As a teen, my parents once grounded me by taking away all my books and not letting me read anything but school books for a month (or more?). The decision had some interesting effects...
It was highly devastating to my urge to read. I was a voracious reader of all types and genres beforehand. It was years before I read fiction books for pleasure again, and then, I only re-read my favorites in my favorite genre. Websites, nonfiction, and nonfiction magazines weren't affected as much. I realized much later on that this was a type of trauma reaction. I eventually resumed reading outside of those boxes, within the last 2 to 3 years.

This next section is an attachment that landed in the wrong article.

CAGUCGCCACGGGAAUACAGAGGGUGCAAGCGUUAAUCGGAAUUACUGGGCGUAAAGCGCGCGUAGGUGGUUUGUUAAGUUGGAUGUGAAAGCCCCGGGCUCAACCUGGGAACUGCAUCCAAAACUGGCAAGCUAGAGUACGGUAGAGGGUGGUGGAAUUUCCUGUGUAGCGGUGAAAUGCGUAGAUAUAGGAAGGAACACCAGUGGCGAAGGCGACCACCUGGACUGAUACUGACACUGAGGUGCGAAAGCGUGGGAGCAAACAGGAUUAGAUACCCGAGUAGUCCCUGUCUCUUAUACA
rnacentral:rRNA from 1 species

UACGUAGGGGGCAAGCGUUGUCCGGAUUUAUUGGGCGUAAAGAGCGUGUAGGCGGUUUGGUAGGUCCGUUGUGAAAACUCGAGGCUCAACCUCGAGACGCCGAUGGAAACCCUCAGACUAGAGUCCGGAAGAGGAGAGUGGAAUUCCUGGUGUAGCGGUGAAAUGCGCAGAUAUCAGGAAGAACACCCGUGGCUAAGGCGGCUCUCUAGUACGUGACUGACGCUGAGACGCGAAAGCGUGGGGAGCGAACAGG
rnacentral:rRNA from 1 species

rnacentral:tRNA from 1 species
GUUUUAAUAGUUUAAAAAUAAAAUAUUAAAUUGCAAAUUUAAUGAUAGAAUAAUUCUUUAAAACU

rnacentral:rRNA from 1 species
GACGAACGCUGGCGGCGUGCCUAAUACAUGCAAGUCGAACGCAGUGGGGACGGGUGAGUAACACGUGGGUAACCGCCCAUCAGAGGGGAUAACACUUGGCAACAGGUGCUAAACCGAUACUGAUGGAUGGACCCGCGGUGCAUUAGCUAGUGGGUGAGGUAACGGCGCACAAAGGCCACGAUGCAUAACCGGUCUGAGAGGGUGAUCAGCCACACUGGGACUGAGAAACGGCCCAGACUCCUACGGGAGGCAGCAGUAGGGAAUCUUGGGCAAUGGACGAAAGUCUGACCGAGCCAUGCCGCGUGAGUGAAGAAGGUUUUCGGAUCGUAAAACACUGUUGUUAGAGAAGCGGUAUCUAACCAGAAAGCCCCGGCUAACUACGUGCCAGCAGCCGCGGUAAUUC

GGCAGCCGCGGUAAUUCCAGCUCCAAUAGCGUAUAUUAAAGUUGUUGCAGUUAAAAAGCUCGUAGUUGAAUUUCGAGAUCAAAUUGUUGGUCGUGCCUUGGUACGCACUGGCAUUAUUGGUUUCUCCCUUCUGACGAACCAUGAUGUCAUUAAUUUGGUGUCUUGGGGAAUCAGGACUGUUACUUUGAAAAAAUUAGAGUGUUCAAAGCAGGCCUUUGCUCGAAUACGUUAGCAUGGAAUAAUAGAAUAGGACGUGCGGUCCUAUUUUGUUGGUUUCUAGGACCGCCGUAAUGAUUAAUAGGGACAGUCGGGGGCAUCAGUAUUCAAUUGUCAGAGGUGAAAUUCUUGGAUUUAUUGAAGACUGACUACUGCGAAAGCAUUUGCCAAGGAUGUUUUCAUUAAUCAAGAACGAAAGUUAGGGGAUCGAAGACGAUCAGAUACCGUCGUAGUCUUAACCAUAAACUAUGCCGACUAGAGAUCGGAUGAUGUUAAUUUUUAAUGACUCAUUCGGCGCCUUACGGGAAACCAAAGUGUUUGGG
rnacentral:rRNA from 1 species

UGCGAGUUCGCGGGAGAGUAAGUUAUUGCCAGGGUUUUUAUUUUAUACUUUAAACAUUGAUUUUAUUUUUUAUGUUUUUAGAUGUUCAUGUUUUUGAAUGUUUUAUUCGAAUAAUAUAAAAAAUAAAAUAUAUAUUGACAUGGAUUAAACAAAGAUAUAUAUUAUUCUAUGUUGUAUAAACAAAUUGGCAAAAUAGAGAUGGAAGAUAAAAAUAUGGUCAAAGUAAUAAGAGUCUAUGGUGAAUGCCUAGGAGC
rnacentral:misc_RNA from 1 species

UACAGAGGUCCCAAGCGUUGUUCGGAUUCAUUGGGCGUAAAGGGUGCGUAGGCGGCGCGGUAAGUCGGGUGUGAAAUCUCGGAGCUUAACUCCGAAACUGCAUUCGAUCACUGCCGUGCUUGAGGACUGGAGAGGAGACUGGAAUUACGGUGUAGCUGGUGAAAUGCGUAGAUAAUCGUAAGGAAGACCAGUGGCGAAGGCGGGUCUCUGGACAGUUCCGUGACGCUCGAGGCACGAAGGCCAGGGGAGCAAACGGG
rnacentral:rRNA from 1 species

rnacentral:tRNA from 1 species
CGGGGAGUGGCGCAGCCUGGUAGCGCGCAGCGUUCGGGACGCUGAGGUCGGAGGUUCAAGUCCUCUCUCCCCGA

It took my parents several hours and over a dozen boxes to box up my extensive collection of books.
I took possession of the boxes some months after the grounding. But, except for a few of my most prized books (first edition, first printings of books by my favorite author), I have never unboxed them. The punishment took place nearly 2 decades ago, now. And, sure, not all of them are useful now (child editions of encyclopedias, and the like), there is enough nostalgia that I should... But it just hurts too much.
I said all of that to say this... Drastic punishments of a child can have some unintended consequences. A similarly traumatic elimination of technology at the wrong age might limit his technological proficiency... A key enabler of middle-class and upper-middle-class jobs.